Why sign up to help with research?Posted: Monday 13 July 2020
Are you interested in volunteering for clinical trials to help find a cure for macular disease? Two Macular Society members, explain why they put themselves forward as research volunteers and what they hope the future holds.
Firstly Carmen Kilner from Surrey talks about her motivations to sign up.
"My mother lost her sight to macular degeneration – the only treatment available for her was lasers," she said. "I feel privileged to be able to help people.”
Carmen had had her first three injections when she was recruited to take part in a trial. She said: "After lots of tests to make sure I was suitable for the trial, I had the treatment: around 10 minutes of pulsed X-rays, followed by an injection. My eye was a little dry, but not painful.
“Since then I’ve been back each month for more monitoring and tests of my distance vision. I won’t know whether I’m in the placebo group for another three years, but in nine months I’ve needed only one more injection, and I can read a line further down the chart.
“Having such regular monitoring has been a lovely safety net too. I’ll miss my nurse and consultant when the trial ends. I’ll have to sign up for another one!”
Carmen said she is hopes her participation will have a postive impact on her children's future. “There’s obviously a genetic element to macular degeneration in my case, so I know that my children are at risk", she said. "I’m so pleased to be able to contribute to something that could have a tremendous effect for them, for other people, and for the NHS as a whole.”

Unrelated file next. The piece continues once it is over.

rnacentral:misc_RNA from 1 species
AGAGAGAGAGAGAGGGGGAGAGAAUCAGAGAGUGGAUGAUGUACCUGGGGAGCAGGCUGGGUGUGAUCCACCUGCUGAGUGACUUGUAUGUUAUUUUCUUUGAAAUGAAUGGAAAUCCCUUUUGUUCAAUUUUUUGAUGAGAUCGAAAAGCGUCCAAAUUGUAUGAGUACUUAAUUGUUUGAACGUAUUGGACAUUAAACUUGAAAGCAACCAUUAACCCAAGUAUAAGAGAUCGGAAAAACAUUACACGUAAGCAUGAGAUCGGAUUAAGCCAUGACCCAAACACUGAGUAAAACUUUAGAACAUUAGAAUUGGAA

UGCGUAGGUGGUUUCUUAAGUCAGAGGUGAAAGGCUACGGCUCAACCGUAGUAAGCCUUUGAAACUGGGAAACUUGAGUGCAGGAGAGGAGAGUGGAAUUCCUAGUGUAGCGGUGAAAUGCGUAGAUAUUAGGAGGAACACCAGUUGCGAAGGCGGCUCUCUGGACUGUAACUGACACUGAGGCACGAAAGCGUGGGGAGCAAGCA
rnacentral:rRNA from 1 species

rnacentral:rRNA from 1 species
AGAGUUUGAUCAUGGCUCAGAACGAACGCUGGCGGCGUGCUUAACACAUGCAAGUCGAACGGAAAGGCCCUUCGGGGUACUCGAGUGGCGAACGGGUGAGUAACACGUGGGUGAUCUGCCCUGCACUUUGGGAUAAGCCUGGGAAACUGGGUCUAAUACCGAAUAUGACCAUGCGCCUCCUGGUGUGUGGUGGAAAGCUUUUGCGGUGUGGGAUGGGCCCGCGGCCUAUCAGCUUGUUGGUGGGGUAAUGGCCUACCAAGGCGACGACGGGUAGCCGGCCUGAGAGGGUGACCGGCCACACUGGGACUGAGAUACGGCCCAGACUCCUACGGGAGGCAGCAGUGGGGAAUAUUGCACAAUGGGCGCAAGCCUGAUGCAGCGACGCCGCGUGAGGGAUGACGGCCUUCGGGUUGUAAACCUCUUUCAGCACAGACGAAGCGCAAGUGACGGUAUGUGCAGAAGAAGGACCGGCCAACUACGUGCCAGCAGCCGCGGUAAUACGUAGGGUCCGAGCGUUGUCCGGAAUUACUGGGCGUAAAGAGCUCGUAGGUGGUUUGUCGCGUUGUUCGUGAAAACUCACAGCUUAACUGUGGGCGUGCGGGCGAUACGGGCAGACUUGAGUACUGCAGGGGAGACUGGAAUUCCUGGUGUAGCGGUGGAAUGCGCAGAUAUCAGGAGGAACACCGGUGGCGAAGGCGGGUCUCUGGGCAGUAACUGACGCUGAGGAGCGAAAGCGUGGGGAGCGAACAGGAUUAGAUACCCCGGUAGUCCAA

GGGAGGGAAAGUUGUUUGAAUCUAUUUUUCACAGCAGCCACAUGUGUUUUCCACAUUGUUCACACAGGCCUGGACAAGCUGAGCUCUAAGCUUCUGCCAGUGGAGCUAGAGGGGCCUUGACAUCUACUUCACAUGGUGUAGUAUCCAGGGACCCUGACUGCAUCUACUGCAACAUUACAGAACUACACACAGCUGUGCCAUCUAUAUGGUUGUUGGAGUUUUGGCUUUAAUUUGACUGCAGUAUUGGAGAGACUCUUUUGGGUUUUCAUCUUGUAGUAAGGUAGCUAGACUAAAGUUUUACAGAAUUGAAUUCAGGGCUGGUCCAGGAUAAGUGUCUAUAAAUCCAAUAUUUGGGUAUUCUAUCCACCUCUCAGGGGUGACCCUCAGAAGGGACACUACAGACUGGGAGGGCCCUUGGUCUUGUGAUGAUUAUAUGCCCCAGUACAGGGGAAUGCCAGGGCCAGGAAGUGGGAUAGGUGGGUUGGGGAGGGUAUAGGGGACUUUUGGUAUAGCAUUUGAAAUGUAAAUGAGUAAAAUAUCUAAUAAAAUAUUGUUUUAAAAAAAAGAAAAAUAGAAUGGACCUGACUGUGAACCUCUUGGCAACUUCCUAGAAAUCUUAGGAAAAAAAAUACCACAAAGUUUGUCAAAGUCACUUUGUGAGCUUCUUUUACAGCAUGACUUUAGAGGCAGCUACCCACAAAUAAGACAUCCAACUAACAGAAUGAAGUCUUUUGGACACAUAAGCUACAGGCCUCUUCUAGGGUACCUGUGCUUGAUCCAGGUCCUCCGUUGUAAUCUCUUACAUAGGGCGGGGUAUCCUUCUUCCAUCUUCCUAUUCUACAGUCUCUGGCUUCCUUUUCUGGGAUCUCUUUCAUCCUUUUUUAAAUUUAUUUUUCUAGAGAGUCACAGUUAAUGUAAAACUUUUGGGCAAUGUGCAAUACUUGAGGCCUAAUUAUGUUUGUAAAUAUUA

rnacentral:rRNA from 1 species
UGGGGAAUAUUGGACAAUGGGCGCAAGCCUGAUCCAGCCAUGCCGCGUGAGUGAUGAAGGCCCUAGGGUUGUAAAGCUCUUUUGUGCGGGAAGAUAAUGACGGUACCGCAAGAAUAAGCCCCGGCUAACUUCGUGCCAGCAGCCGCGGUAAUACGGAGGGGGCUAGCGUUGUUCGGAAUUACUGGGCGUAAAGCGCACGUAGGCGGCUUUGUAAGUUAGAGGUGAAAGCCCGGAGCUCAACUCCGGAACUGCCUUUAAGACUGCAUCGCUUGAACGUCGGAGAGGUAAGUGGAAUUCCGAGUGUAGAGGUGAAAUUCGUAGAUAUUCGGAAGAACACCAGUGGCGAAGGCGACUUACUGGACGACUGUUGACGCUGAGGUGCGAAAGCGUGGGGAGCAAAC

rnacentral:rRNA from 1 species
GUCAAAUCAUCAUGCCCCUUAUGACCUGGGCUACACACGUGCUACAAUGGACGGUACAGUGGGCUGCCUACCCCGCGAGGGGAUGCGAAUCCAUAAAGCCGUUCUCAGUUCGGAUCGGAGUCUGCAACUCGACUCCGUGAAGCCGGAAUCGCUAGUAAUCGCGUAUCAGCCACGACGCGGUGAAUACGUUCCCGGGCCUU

Mary Gilchrist also signed up for research to help future generations.
She said: "My mother had macular degeneration so I knew what was coming. I have a daughter and a granddaughter and by the time they get to my age I would like to think there was something in place for the younger generation.”
Talking about the process, Mary underwent a small operation which involved having a synthetic gene injected into the back of her eye to take over from a faulty gene that has caused the AMD.
She said: "After the operation I had some photographs taken and you could see a bubble where they’d injected into my eye.I have to go back regularly to have my eyes tested, just as though I was having them tested for glasses."
She added: "The research nurse calls me to make sure everything is still okay with my eyes and that I haven’t been allergic to anything.“I just cannot praise Sunderland Eye Infirmary enough. They were absolutely amazing. They explained everything to me so I could understand, because sometimes some people don’t realise they are talking over your head.”
Mary hopes the one-off injection will slow down the macular degeneration. "If this trial means I can still read, and do a little bit of my craft work, that would make me happy," she said. "I used to make quite intricate cards with a lot of cutting involved but I can’t do that now."
Can you help with research? Join the Macular Society’s research database today